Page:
Payment of Overtime Compensation
California labor law requires that overtime be paid at the following rates:
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One and one-half (1½) times an employee’s regular rate of pay for hours worked over (8) in a workday or over forty (40) hours in a work week.
Two (2) times an employee’s regular rate of pay for hours worked over twelve (12) hours in a workday, or for hours worked over eight (8) hours on the 7th day of the workweek. If an employee works seven consecutive days, he or she must be paid one and one-half (1½) times his or her rate of pay for the first eight (8) hours worked on the 7th consecutive workday, and double time for any hours worked over eight (8) on the 7th workday.
Whether you are eligible for overtime wages depends on whether you are considered exempt or non-exempt. Determining an employer’s overtime liability is often a difficult task in the area of wage and hour law. One reason for an employer’s failure to pay overtime wages may be the employer’s misclassification of jobs as exempt from California’s wage and hour laws. This may be the result of an employer’s wrongful application of the complex tests prescribed under applicable laws or regulations.
A glorified job title alone does not determine an employee’s exempt or non-exempt status. An employee with a fancy job title may not qualify as an exempt employee if his or her actual duties do not meet the requirements for one of the exemptions. The employee must be primarily engaged in exempt duties and receive a minimum salary that equals or exceeds a specified sum. Each of California’s Wage Orders contains exemptions for executive, administrative, and professional employees.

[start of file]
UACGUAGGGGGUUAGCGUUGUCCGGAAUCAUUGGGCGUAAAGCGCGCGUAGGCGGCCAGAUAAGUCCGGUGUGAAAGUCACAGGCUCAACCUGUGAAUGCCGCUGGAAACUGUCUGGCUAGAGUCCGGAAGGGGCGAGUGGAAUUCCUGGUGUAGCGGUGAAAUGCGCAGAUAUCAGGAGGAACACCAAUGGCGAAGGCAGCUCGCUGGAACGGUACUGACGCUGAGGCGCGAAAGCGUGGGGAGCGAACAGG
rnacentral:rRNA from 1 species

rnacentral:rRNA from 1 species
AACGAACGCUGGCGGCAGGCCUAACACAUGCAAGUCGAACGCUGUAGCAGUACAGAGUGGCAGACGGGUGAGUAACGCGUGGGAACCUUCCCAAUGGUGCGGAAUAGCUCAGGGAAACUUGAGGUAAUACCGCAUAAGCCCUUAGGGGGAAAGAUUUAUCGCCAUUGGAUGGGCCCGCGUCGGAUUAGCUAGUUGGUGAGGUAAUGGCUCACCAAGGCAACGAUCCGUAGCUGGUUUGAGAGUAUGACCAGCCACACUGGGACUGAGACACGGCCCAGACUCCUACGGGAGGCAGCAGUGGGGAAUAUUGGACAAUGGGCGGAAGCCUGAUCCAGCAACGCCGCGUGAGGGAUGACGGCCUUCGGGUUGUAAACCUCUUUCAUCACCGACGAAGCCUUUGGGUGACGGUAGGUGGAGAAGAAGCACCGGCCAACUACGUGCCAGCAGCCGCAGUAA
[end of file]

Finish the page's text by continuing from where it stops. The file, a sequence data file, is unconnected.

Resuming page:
For an employee to qualify as exempt under the “executive exemption,” the employer must prove all of the following about the employee:
- The employee’s duties and responsibilities involve the management of the enterprise in which he or she is employed or of a customarily recognized department or subdivision of the enterprise
- The employee directs the work of two or more other employees
- The employee has the authority to hire or fire other employees or whose suggestions and recommendations as firing, advancement or promotion of other employees is given particular weight by the employer
- The employee customarily and regularly exercises discretion and independent judgment
- The employee is a full-time employee and is paid a salary. The monthly salary must be twice California’s minimum wage for full-time employment.
A person employed in an administrative capacity generally means any employee who spends the majority of his or her work time:
- Doing office or non-manual work directly related to management policies or general business operations of the employer or the employer’s customers and
- Exercising discretion and independent judgment.
This exemption category applies to employees who are primarily engaged in the practice of one of the following recognized professions: law, medicine, dentistry, optometry, architecture, engineering, teaching, or accounting. This exemption category may also include creative processionals engaged in a “learned or artistic profession” such as music, writing, or theater.
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How you classify an employee – whether exempt, non-exempt, or independent contractor – affects what rights and benefits that employee is entitled to under the law. Employee misclassification is a serious problem. Whether you intentionally or unintentionally misclassify an employee, that employee may be entitled to back wages and other benefits under the law.
If you work in California and you feel that you are owed overtime compensation, you may qualify for damages or remedies that may be awarded in a possible unpaid overtime class action or lawsuit.
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